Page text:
Irreplaceable: A History of England in 100 Places - Art, Architecture & Sculpture

Historic England

England's public spaces and buildings host a wealth of public art. This selection of images from the Historic England Archive illustrates the great variety of sculpture and statuary that can be seen in England's towns and cities.

Statue of Eric Morecambe, Morecambe, Lancashire

Born John Eric Bartholomew, Eric Morecambe used his place of birth in his stage name. This bronze statue by Graham Ibbeson captures one of his trademark poses and wearing his bird-watching binoculars.

The larger than life statue was unveiled by Queen Elizabeth II in July 1999. It was damaged in 2014 when a botched attempt to steal the statue necessitated repairs to its right leg.

'Angel of the North', Low Eighton, Gateshead

Antony Gormley's 'Angel of the North' was built on the site of a former pithead baths. Unveiled in 1998, one of its functions is to act as a reminder of the industry that preceded it.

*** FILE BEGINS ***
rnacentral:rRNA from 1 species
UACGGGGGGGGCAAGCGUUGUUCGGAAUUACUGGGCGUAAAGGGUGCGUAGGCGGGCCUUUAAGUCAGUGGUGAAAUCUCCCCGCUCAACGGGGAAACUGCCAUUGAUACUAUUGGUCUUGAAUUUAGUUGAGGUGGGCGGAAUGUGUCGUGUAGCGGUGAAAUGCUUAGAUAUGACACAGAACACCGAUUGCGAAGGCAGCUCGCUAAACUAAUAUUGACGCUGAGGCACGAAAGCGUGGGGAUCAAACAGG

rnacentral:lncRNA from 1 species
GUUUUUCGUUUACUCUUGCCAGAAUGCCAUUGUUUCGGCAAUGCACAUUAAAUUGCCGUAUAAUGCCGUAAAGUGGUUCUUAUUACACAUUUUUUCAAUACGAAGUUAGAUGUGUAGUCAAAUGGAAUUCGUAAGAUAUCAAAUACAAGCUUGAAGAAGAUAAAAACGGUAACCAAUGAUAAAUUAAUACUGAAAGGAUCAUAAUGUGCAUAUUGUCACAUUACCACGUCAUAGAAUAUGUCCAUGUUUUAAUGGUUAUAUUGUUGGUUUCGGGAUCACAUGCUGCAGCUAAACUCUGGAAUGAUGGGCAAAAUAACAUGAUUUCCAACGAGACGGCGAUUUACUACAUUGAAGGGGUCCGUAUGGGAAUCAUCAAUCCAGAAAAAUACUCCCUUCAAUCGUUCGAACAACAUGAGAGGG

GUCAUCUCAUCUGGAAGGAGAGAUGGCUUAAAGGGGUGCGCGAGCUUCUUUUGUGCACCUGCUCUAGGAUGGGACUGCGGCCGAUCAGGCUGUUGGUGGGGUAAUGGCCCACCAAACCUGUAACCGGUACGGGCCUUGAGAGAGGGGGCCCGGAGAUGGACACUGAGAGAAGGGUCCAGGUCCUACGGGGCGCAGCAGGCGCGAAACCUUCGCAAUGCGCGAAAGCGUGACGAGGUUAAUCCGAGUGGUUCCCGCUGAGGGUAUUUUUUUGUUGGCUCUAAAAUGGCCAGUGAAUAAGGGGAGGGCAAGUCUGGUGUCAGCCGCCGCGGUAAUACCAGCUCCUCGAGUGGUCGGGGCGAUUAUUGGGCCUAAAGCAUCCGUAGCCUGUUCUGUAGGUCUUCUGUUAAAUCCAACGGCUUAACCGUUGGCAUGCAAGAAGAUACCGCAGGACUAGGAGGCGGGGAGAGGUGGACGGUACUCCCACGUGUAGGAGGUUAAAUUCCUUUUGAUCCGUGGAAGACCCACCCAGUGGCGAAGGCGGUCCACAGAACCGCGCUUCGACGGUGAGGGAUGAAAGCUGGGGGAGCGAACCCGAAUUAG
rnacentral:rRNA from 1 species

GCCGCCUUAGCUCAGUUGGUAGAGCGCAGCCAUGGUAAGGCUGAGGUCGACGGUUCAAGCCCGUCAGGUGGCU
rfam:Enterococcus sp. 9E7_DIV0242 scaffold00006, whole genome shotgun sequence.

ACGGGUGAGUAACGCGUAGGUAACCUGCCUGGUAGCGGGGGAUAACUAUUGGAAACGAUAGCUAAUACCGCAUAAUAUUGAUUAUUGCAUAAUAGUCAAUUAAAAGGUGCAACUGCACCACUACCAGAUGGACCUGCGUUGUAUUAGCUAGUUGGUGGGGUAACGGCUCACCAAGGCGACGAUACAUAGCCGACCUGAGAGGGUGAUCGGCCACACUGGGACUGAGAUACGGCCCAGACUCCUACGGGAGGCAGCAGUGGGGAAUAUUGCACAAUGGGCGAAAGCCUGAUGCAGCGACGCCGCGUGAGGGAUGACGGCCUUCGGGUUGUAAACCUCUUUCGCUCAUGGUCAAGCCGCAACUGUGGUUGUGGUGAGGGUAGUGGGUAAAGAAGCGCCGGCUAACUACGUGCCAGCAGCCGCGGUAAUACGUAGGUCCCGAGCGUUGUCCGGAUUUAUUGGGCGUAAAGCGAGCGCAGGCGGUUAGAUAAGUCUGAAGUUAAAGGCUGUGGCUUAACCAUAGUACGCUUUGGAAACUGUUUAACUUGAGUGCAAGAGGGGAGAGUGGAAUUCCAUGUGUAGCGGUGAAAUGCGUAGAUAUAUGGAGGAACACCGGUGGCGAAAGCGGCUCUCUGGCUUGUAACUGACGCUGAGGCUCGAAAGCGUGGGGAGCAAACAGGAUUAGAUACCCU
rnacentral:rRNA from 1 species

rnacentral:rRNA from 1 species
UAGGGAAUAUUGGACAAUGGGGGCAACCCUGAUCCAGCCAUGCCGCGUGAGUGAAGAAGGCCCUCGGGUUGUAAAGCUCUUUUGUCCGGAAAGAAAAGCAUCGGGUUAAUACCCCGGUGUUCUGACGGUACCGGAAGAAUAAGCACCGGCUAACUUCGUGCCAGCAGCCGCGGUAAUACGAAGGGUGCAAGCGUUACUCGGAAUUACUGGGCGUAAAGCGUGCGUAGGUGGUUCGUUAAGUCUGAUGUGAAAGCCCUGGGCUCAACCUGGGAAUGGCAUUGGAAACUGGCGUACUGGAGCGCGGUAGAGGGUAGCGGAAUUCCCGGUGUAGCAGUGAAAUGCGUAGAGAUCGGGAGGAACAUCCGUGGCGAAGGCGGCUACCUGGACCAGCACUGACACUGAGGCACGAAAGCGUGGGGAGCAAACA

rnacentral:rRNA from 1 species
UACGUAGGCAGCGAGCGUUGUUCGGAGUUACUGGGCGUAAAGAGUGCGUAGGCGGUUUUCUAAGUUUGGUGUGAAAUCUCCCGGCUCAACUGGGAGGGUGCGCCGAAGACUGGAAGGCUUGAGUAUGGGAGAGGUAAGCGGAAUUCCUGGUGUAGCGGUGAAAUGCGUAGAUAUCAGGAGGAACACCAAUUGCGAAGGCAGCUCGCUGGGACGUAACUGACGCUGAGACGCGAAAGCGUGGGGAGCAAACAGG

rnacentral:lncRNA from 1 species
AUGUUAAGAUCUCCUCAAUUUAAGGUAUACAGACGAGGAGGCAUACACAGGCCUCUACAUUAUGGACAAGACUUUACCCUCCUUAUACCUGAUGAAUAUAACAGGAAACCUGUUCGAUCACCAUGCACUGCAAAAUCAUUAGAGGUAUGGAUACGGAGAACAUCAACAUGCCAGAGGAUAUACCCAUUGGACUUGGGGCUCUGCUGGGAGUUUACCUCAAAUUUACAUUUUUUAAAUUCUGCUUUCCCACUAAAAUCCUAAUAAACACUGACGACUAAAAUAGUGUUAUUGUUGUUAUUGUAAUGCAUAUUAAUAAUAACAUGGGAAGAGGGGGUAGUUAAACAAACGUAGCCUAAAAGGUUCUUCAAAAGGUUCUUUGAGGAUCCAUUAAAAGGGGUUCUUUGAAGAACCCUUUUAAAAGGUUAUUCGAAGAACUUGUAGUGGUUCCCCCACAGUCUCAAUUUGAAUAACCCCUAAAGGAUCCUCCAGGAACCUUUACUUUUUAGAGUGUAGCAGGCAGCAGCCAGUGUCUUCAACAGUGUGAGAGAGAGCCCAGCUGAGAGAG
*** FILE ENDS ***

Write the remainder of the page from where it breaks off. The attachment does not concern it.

Standing twenty metres tall, it has a wingspan of fifty-four metres. Despite some early opposition, it has become a symbol for the North East of England, and even features on the badge of Gateshead Football Club.

'Freddie Gilroy and the Belsen Stragglers', Scarborough, North Yorkshire

Ray Lonsdale's sculpture depicts a former miner and soldier, Freddie Gilroy. During the Second World War, Gilroy witnessed the horrors of the Bergen-Belsen concentration camp, and the sculpture acts as a memorial to all who suffered during the World Wars.

Originally on temporary loan, a local resident donated £50,000 to keep the artwork in Scarborough.

'St Michael and the Devil', Coventry Cathedral

Overlooking the steps to the Cathedral of St Michael, Sir Jacob Epstein's statue depicts the Archangel and leader of God's army, standing triumphantly over a chained Satan.

It was one of Epstein's last major works. He died in 1959 and the sculpture was unveiled by his wife Kathleen in 1961.

The head of St Michael is modelled on Wynne Godley, the economist and second husband of Epstein's daughter Kitty.

'Verity', Ilfracombe, Devon

'Verity' was created by the artist Damien Hirst. The twenty metre high sculpture was installed in October 2012.